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Data from: Social network analysis of psychological morbidity in an urban slum of Bangladesh: a cross-sectional study based on a community census

Citation

Rabbani, Atonu; Biju, Nabila R.; Rizwan, Ashfique; Sarker, M (2018), Data from: Social network analysis of psychological morbidity in an urban slum of Bangladesh: a cross-sectional study based on a community census, Dryad, Dataset, https://doi.org/10.5061/dryad.320bv7b

Abstract

Background Social ties are believed to play important roles in mitigating depression and anxiety, as well as fostering mental health in the population. We test this association for young urban men in Bangladesh. Methods Using a locally adapted GHQ-12 instrument, we enumerate self-reported mental health outcomes for 824 post-adolescent young men between the ages of 18 and 29 in a low-income urban community in Dhaka, Bangladesh. We further measure the social network for all our subjects and estimate the association of social network of the respondents with self-reported mental health outcomes controlling for possible confounders. Results We find there are considerable variations in both the mental health outcomes and social network across respondents. The GHQ scores (mean = 9.2, SD = 4.9) suggest significant psychological morbidity among the respondents. However, our findings imply better social ties and connections can potentially mitigate negative mental health outcomes (0.05-0.65 lower standardized GHQ score). Among other factors, being married and a recent migrant are also associated with better mental health status (0.17-0.20 and 0.16-0.17 lower standardized GHQ scores respectively). Conclusion Our results underscore the importance of social connection in providing buffer against stress and anxiety through psychosocial support from one’s peer in a resource constraint urban setting. Our findings also suggest incorporating social network and ties in designing mental health policies and interventions.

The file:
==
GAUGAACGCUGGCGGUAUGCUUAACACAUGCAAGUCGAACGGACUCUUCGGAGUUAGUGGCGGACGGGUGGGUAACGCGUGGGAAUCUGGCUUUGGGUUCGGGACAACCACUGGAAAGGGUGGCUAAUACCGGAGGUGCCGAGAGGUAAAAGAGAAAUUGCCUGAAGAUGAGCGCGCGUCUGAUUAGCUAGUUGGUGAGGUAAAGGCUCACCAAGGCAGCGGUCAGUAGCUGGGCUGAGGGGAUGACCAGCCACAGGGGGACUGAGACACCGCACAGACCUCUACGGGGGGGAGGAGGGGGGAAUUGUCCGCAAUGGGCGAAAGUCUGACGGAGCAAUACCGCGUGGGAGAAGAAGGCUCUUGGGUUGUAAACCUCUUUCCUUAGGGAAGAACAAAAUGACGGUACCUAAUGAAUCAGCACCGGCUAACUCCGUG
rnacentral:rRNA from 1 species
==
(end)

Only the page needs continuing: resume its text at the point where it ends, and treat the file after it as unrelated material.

Usage Notes

Location

Bangladesh